But two headwinds seem likely to restrain growth to 3% next year: Housing markets and housing activity are weak and, barring aggressive new policy actions, are likely to remain so through 2011.  Home prices may slide by another 10%.  And while state and local government revenues have begun to rebound, those governments are still apt to raise taxes and cut spending.  Most important from the Fed’s standpoint, the unemployment rate, at 9.8% in November, is unacceptably high, and much stronger, sustained economic and job growth will be needed to change that reality.  The upshot is that yields -legitimately – don’t reflect a material change in the future path of monetary policy.

Three risks that could lower yields near term. A committed Fed will continue to buy Treasuries and pull 10-year yields lower through year-end, in our view.  In addition, three fundamental risks could contribute to lower yields in the coming months.  First, gridlock in Washington could make it difficult to extend expiring tax cuts and emergency unemployment insurance (UI) benefits, resulting in fiscal drag.  At the time of writing, negotiations are underway to resolve both issues in the lame-duck session of Congress; in our baseline outlook, we have long assumed that the tax cuts would be extended for those with incomes below $250,000 and that the UI benefits would be extended at least until mid-2011.  If the tax cuts were extended for all taxpayers, as now seems likely, the extra stimulus might add 0.2% to GDP growth; conversely, a full ‘sunset’ of the expiring cuts would cut growth by 0.75pp or a bit more.  If the UI benefits aren’t extended (they expired this week), the loss of these payments would be worth about -0.4% of personal income; the direct negative (annualized) impact on 1Q GDP could be as much as 1 full percentage point.  Renewed uncertainty around these issues could erode risk appetite and help bonds.

Second, the European sovereign crisis could intensify further, draining risk appetite.  Although Ireland now has an €85 billion bailout package, the aid is conditional on fiscal austerity, bank restructuring and structural reforms, all of which must be agreed to and implemented.  Moreover, Portugal and Spain are not immune from further turmoil.  As our colleagues Elga Bartsch and Daniele Antonucci recently noted, “The main risk is contagion.  If markets behave in ‘systemic mode’ and continue to associate the current difficulties in Portugal with, say, those in Ireland or Greece, the chances are that investors will keep testing the next weak link once a more distressed country is removed from the market through some kind of bailout.”

Finally, China’s monetary policy tightening could dim expectations for future growth.  Qing Wang expects CPI inflation to rise further, peaking at 5.5% by mid-2011, and to decelerate to 4% by year-end.  As a result, he expects a front-loaded approach to monetary tightening, with three 25bp interest rate hikes through mid-year and a further appreciation of CNY to 6.2 to the dollar by end-2011.  He notes that potential policy missteps are the primary risk to his outlook: “If Chinese authorities were to mainly rely on administrative controls over monetary aggregates instead of allowing price-based policy instruments such as rate hikes and appreciation of the renminbi to control inflation, the risk of a policy-induced boom (in 2010) and bust (2011) cycle would rise.”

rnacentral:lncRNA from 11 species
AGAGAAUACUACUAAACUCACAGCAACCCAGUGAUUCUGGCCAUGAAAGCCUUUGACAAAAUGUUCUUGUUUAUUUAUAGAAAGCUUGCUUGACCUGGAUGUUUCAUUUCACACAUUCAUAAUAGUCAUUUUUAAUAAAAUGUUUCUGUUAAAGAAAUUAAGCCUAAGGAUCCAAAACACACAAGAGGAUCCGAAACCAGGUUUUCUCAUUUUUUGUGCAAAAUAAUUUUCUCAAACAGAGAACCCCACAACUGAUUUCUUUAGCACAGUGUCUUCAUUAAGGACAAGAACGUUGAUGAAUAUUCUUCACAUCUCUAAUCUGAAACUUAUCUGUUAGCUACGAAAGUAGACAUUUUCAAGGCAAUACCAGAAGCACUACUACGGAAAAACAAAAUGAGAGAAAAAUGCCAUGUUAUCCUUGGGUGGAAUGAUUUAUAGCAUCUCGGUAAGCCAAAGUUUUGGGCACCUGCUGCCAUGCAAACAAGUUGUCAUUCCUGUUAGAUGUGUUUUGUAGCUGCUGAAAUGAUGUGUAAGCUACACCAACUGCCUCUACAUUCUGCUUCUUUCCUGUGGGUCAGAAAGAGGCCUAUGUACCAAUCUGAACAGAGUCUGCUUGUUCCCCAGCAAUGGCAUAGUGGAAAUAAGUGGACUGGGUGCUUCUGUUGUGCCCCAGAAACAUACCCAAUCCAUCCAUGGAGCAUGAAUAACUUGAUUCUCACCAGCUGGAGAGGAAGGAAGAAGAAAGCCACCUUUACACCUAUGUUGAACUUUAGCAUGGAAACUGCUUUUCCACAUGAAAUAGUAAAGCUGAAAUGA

Three risks that could raise yields by more than we expect longer term. A first risk factor is potentially stronger-than-expected US growth.  Although market expectations of future growth likely have increased lately, they are still low, probably lower than ours (3% in 2011 and 3.3% in 2012).  Accordingly, judging by 2-year OIS rates, expectations of future Fed rate hikes have risen by about 15bp over the past month.  A general expectation of moderate (3-4%) but sustainable growth could boost those expectations and yields more quickly.  Second, combined with still-heavy Treasury issuance and expectations of the end of QE2, a pick-up in credit demands could boost real yields.  A stronger economy and further actions to fix housing and housing finance could restart the private demand for credit.  Finally, following the President’s symbolically important action to freeze federal pay for two years, and the report of the National Commission on Fiscal Responsibility and Reform, there is a growing expectation that the Administration and Congress will agree to some fiscal restraint over the medium term.  If extending all tax cuts and UI benefits is followed by partisanship and gridlock on deficit reduction, the disappointment could boost term premiums and thus longer-term yields.

Source: Richard Berner & David Greenlaw , Morgan Stanley, December 7, 2010.